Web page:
Punishing Kim Jong Un: Will He Retaliate With Chemical Weapons?

Emergency service personnel wearing chemical protective clothing participate in a chemical incident exercise on April 16, 2013 in Seoul, South Korea. Michael Mazza writes that the belief that North Korea has artillery pieces armed with chemical weapon shells near the DMZ, and within range of Seoul, is one reason the United States and South Korea believe military responses to Kim Jong Un’s provocations are so risky. Chung Sung-Jun/Getty

This article first appeared on the American Enterprise Institute site.

North Korea has managed to outdo itself once again. According to Malaysian authorities, the assassination of Kim Jong Nam—estranged half-brother to North Korean dictator Kim Jong Un—was carried out with VX nerve agent.

Not to put too fine a point on it, but North Korea used a weapon of mass destruction in a major international airport.

Given North Korea's various responses since the assassination—including, potentially, an attempt to break into the morgue—it seems unlikely that Pyongyang wanted the murder weapon revealed. Its exposure provides two important reminders.

First, the North Korean threat is a multifaceted one. The Kim regime's nuclear and missile programs tend to absorb attention for understandable and justifiable reasons. But according to the Nuclear Threat Initiative (NTI), North Korea likely has the world's third largest stockpile of chemical weapons.

The belief that North Korea has artillery pieces armed with CW shells near the DMZ, and within range of Seoul, is one reason the United States and South Korea believe military responses to Kim's provocations are so risky.

The size and status of its biological weapons program is more difficult to discern, but, again according to NTI, the North likely maintains a range of pathogen samples that it could weaponize should it choose to do so.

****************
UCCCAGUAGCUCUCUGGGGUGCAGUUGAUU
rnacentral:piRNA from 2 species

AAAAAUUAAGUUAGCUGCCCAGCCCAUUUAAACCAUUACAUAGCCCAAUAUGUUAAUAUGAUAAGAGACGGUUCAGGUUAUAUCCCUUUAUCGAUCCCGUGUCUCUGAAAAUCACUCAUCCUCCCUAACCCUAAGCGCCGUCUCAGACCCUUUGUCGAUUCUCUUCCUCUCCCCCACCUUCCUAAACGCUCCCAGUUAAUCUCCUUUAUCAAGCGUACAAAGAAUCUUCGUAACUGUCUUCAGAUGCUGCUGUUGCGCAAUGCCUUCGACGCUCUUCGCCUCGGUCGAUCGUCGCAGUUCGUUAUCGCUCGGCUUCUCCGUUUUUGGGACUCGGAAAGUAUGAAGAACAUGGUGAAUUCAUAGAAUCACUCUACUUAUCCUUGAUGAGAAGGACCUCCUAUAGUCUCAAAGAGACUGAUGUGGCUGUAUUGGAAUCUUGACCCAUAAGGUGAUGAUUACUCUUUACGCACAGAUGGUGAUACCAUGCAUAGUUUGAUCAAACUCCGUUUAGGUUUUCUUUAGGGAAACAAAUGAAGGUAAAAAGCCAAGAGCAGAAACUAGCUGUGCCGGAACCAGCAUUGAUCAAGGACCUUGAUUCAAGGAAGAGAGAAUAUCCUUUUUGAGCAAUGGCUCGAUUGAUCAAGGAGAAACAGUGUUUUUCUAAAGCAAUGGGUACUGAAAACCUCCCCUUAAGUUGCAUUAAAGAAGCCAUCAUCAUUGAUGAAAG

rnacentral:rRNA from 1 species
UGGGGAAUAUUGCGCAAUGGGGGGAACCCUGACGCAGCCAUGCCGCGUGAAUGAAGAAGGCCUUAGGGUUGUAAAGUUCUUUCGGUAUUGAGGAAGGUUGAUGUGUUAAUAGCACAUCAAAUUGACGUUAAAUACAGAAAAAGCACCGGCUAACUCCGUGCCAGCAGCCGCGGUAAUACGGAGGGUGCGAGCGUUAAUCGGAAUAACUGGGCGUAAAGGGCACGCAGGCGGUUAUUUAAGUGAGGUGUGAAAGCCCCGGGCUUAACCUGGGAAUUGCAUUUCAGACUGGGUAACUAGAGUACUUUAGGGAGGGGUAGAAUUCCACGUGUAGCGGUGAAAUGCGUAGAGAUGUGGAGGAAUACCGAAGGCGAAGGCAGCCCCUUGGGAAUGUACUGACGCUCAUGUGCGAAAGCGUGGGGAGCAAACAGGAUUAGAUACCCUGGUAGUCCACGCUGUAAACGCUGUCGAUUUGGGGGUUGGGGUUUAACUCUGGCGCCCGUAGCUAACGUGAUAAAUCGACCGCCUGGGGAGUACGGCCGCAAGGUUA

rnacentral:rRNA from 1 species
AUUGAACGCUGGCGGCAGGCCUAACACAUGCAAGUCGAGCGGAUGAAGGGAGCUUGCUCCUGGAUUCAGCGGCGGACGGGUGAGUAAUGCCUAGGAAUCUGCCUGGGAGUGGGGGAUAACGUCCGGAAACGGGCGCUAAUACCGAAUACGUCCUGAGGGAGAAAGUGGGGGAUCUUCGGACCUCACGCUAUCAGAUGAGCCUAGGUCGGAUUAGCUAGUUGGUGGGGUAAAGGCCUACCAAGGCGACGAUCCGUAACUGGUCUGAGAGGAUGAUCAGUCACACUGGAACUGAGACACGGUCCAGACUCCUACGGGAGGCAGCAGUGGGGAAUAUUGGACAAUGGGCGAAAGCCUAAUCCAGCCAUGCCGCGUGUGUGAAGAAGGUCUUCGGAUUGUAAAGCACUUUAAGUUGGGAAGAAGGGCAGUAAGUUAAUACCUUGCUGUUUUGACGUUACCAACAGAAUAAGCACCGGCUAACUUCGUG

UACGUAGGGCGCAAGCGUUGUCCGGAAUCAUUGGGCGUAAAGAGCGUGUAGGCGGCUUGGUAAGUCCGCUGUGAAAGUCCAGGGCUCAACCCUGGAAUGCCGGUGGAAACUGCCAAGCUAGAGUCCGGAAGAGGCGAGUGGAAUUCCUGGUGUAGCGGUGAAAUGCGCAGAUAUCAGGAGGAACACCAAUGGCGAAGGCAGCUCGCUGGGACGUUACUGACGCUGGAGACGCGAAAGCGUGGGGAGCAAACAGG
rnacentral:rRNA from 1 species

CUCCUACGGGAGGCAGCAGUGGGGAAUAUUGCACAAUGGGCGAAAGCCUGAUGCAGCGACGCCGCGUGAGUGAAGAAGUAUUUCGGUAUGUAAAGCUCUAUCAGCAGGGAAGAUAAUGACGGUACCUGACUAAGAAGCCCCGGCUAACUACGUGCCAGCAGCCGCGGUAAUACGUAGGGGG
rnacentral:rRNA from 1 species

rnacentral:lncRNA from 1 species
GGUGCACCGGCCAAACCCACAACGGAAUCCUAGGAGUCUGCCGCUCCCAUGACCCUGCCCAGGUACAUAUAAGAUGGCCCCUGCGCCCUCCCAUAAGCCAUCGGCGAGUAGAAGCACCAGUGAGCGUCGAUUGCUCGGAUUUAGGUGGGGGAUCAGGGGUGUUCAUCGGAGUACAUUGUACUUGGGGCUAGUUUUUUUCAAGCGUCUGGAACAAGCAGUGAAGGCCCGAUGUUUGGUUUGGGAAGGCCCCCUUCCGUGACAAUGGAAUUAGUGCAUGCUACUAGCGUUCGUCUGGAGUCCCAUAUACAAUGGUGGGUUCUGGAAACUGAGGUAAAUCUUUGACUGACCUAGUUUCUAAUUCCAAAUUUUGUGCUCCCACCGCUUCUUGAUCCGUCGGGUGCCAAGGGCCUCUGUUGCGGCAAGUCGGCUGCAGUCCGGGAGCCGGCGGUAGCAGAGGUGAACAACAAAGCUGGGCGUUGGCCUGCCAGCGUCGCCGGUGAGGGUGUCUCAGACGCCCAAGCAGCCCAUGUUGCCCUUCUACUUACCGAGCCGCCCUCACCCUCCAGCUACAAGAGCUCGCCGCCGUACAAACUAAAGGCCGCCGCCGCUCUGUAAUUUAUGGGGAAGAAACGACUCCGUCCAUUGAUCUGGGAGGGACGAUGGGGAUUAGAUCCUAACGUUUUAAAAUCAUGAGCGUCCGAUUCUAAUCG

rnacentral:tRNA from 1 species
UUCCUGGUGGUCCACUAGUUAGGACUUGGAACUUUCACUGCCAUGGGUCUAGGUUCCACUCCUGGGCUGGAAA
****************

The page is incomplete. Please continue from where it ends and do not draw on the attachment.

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The successful assassination, regardless of the means, is also a reminder that North Korea has a robust covert operations capability, which the Kim dynasty has repeatedly put to use over the years. Covert insertion of North Korean operatives is a threat that the South Korean security establishment has long recognized a need to counter.

Second, the use of VX demonstrates that, wish as we might to find some way of constructively engaging with Pyongyang, it is the regime itself rather than its weapons programs that is the problem.

Pyongyang has just proven itself willing to use a weapon of mass destruction on foreign soil; to entrust the use of that weapon to two non-agents trained in shopping malls; to obstruct a criminal investigation by authorities on foreign soil; and to take all of these actions in one of the few countries with which it has good relations and with the purpose of assassinating a man under the protection of North Korea's only formal ally.

That North Korea is willing to use VX should perhaps come as little surprise, given that it has long been suspected of testing its chemical weapons on political prisoners. Kim Jong Un and his familial predecessors have cared not a whit for the North Korean people. That they likewise care little for international norms is not exactly news.

The North Korean human rights disaster, the nuclear weapons program, the missile program, the chemical and biological weapons programs—these all share one thing in common. There's no hope for genuine peace on the Korean peninsula until the Kim regime is consigned to the dustbin of history.

Until policymakers in Washington and elsewhere accept that reality and tailor strategy accordingly, North Korea will remain a pestilence for which they seek a cure in vain.

Michael Mazza is a research fellow in foreign and defense policy studies at the American Enterprise Institute.